Hiring new staff can be a very exciting time for a business: it represents growth, positive change and the chance to bring fresh new talent into the organisation.
However, the hiring process can be daunting, because although most employers are well educated about the Basic Conditions of Employment Act, there are a number of less obvious risks associated with recruitment.
I have seen employers land in hot water over surprisingly simple aspects of extending a job offer. In one case, the managers involved formally extended the offer without final authorisation. In another, the offer was made just before the CEO resigned and all new appointments were put on hold. And in a third case, the company announced it was forced to make staff cuts just days after the offer of employment was signed. While it might seem like these employers were entitled to recall the job offer made they weren't. Job applicants are legally protected once they have a signed offer of employment, and employers cannot renege on this.
Another pitfall in recruitment lies in the negotiation process. Here, the devil is in the detail. Normally, the hiring manager, a senior manager and an HR officer are all involved in the discussions around the available position. These communications typically cover issues like leave allowances, bonuses, working hours etc. But with so many people and so many little details involved in these often adhoc communications, there is plenty of opportunity for misunderstanding.
No manager wants to hear that a new employee has an expectation regarding their employment contract after the fact with the claim that the issue was previously clarified with somebody else. For example, during the interview process, the candidate asked one of the hiring team if they could work flexitime and were told, 'it shouldn't be a problem'.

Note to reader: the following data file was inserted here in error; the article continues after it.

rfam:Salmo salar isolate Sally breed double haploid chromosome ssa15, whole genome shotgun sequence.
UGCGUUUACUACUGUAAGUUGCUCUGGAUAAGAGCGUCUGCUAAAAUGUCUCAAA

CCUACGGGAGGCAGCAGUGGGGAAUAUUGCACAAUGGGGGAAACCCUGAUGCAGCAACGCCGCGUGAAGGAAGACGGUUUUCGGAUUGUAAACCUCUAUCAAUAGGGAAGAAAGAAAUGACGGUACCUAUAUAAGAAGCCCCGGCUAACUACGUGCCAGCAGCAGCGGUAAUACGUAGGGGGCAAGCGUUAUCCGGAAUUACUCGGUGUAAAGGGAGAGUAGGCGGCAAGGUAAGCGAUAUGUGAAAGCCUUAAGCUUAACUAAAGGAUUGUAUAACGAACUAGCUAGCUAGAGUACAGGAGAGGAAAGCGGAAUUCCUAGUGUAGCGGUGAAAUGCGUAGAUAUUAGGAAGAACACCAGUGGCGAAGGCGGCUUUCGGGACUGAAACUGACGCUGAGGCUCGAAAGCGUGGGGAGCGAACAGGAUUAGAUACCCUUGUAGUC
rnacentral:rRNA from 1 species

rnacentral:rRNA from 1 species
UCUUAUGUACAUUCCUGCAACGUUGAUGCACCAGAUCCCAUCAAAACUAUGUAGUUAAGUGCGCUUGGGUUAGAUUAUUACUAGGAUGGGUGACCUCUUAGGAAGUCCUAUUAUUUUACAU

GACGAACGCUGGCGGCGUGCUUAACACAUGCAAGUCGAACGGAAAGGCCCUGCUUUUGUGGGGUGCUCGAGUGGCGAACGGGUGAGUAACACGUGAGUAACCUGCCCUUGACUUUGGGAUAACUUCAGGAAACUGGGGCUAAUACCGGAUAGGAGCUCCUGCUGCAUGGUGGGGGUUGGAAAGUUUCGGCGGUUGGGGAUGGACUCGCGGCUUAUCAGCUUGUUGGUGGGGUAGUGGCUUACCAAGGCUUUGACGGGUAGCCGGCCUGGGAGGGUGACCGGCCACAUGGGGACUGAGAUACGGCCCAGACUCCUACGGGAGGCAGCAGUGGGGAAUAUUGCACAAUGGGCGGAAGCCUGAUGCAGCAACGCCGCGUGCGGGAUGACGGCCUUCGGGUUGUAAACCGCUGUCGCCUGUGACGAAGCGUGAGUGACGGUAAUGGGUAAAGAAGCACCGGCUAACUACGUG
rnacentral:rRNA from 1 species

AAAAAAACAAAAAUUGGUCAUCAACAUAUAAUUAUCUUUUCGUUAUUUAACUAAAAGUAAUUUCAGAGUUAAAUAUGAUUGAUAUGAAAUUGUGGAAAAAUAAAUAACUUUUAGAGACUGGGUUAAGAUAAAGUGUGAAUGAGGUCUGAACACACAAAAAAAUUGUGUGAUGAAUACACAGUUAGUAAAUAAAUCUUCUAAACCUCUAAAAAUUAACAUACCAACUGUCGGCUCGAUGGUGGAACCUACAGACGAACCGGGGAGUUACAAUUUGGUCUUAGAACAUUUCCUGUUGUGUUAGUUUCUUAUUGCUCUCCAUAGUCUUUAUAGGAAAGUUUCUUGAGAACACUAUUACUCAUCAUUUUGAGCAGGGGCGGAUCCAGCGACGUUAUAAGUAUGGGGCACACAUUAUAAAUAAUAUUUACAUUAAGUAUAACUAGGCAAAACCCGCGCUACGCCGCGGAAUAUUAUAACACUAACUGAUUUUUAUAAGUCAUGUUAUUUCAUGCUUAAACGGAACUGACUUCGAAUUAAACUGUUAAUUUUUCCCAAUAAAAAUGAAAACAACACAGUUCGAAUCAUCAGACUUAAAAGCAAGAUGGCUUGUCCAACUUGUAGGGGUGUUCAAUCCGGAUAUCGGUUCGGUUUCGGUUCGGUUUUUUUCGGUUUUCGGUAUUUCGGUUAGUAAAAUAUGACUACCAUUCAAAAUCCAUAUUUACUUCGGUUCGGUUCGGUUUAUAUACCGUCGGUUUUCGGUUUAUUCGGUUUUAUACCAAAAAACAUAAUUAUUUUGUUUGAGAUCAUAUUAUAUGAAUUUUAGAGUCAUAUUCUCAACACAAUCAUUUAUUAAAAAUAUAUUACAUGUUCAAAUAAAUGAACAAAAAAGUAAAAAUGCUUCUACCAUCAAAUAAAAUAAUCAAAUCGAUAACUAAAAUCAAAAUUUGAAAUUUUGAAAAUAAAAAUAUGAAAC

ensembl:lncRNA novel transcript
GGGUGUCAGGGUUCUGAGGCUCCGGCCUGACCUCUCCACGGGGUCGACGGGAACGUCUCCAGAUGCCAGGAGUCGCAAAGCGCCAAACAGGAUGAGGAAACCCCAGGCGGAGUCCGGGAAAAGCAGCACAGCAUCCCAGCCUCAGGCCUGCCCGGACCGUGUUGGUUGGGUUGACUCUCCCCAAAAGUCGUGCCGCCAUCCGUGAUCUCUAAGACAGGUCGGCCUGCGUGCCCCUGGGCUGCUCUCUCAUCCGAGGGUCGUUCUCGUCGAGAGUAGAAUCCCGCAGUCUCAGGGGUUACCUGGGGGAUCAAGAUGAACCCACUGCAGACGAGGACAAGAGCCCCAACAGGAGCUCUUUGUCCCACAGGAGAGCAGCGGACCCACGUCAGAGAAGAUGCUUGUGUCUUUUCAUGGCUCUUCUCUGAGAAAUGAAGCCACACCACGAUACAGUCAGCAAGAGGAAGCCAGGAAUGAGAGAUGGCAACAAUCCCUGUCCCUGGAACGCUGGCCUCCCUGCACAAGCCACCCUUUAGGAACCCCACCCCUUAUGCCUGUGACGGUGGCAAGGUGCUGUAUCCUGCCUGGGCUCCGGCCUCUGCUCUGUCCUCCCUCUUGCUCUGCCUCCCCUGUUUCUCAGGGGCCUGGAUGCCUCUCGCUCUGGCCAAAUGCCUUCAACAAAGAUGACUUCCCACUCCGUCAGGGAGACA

Such vague communication can lead to serious problems. In my experience, 40% of reasons why a new employee leaves a company within the first three months are due to this type of misunderstanding, where applicant expectations are not met.
To ensure consistently clear communications during the hiring process, follow these golden rules:
• Every interview or meeting with the applicant must be attended by at least two representatives from the hiring company, and all questions and answers relating to benefits and conditions of employment must be openly and thoroughly discussed.
• All questions regarding the remuneration package, benefits and other terms of employment must be resolved upfront, in writing; nothing should be left open-ended and relegated to the domain of, 'we'll cross that bridge later'.
• The practice of providing prospective employees with a dummy payslip is useful. However, it must be clearly stated in writing that a copy of a payslip does not constitute a job offer, and that the numbers reflected on such a payslip can be subject to change.
• Get 100% confirmation from all relevant decision makers before formally extending a job offer to the preferred candidate.
If, as an employer, you find yourself in the unfortunate position of having erroneously extended a contract of employment or having done so prematurely, there is no quick fix especially if the applicant has already resigned from their job on the basis of your offer. Try to reach a mutually acceptable agreement with the aggrieved applicant or prepare yourself for a visit to the CCMA.
Niteske Marshall is MD of Network Recruitment.